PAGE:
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Ohio Legal Homeschooling Laws Explained

Ohio Education Laws For Homeschooling

Not intended as legal advice. Ohio laws for your information only. From your Homeschooling guide.

Read First

What do I do to start home schooling my child or children?

As the parent or guardian, you must notify the superintendent of the public school district where your family resides about your intention to home school your school-age child or children. Ohio law requires all children between the ages of six and 18 to attend school. Notification must be received no later than the first week of the start of the public school building the child would attend in the school district of residence or within one week the date on which the child begins to reside in the district or within one week from the child’s withdrawal from a school. Failure to notify the school district of residence the family is homeschooling its child or children will result in truancy. The notification includes:

    1. Your qualifications to home school (see previous question);
      1. Confirmation that you will provide a minimum of 900 hours of instruction that must include the following subjects:
      2. Language, reading, spelling and writing;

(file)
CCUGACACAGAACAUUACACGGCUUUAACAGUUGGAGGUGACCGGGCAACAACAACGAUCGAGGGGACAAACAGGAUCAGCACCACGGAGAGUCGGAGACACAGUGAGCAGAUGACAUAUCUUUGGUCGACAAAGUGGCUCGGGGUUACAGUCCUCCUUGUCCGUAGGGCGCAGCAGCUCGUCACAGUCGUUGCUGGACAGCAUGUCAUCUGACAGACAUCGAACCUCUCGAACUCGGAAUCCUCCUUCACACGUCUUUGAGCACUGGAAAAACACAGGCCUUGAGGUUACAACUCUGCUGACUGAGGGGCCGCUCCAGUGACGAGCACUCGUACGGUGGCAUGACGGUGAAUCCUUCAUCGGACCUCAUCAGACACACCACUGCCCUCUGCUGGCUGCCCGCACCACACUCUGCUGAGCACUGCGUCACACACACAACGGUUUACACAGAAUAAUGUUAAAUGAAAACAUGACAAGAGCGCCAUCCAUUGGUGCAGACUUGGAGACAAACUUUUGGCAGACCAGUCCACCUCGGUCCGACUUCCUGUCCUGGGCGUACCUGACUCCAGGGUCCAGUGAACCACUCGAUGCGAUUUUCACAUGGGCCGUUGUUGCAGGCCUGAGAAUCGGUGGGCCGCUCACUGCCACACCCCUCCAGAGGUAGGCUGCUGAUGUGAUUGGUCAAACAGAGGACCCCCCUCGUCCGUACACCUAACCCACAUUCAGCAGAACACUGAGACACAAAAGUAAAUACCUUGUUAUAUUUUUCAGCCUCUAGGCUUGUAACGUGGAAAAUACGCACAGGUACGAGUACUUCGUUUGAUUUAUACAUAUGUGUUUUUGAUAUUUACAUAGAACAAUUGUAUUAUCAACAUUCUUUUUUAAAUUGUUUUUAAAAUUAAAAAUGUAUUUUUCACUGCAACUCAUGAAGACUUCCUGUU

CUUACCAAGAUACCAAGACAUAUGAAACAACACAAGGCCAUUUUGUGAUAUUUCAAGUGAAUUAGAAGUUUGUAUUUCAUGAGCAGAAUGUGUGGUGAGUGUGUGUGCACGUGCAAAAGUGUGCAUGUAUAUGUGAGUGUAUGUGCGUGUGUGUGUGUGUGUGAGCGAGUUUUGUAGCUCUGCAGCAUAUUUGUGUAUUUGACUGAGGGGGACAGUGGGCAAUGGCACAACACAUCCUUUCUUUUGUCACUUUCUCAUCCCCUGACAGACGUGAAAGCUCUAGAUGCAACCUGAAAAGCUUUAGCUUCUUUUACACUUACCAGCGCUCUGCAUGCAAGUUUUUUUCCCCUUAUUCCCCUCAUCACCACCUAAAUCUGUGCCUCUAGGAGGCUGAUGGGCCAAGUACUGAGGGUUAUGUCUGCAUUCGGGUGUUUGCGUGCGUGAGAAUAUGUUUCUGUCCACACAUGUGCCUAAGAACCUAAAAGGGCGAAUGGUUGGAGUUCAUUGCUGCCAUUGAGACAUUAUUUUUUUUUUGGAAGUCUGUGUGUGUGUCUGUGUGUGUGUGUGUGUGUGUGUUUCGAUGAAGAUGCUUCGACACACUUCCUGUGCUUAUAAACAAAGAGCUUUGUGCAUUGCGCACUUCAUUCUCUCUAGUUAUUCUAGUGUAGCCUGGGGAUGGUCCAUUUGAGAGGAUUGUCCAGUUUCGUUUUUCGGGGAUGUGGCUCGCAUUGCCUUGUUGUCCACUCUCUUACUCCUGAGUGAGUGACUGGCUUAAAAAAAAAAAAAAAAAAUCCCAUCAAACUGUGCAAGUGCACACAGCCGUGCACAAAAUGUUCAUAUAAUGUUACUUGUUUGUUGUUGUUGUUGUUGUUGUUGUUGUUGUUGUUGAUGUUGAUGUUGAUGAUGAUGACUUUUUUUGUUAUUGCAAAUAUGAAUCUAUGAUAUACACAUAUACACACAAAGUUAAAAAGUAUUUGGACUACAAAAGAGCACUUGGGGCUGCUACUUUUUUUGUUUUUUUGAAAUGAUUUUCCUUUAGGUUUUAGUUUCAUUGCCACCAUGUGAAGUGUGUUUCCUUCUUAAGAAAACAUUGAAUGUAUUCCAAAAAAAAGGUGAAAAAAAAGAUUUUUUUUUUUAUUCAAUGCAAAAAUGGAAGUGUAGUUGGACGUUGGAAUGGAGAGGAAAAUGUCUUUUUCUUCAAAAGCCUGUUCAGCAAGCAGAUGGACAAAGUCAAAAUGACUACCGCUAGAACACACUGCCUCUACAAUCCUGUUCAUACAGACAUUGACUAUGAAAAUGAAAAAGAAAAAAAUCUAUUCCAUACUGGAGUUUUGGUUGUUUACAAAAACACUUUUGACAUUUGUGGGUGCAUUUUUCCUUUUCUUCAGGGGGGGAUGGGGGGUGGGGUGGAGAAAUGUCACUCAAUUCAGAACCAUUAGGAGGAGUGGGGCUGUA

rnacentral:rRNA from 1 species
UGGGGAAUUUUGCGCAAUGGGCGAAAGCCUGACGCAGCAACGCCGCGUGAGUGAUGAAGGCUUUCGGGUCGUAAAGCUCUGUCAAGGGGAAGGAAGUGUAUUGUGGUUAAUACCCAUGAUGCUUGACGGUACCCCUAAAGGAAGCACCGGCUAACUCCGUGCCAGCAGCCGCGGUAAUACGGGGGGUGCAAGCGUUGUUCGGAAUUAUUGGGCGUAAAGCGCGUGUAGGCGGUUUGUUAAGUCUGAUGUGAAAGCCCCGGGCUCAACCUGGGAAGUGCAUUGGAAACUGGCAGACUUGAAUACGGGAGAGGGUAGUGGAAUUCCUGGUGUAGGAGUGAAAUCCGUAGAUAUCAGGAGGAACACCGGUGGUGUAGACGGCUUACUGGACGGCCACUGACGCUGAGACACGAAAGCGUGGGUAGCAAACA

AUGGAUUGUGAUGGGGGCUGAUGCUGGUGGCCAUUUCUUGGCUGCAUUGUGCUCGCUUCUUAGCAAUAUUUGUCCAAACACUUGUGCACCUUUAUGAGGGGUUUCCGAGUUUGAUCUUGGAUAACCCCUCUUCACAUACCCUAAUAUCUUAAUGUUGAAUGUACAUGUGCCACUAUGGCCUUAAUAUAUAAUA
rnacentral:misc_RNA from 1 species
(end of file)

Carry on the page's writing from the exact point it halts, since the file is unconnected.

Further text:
3. Geography; history of the United States and Ohio; and national, state and local government;
      4. Mathematics;
      5. Science;
      6. Health;
      7. Physical education;
      8. Fine arts, including music; and
      9. First aid, safety and fire prevention;
    2. A brief outline of the curriculum for the current school year;
    3. A list of textbooks, correspondence courses, commercial curricula or other basic teaching materials that you plan to use; and
    4. Your signature.

Notification Forms

Recommended Notification Form (to submit to your local school district)

Sports Teams at School

Legislation allows home school students the opportunity to participate in extracurricular activities in public schools. An “extracurricular activity” is a pupil activity program that is run by a school or school district and is not included in a graded course of study. Activities include any offered at the school that the student would attend if enrolled in the public school district where the family resides. If the school district does not offer a particular activity, then the student may request to participate in another district’s program. The superintendent of the other school district may choose to allow the student to participate as an out-of-district student.

Home-educated students must meet the same nonacademic and financial requirements as any other student participating in the activity. Fees and ability in sports, where there are cuts, apply. (From Ohio Dept. of Edu)

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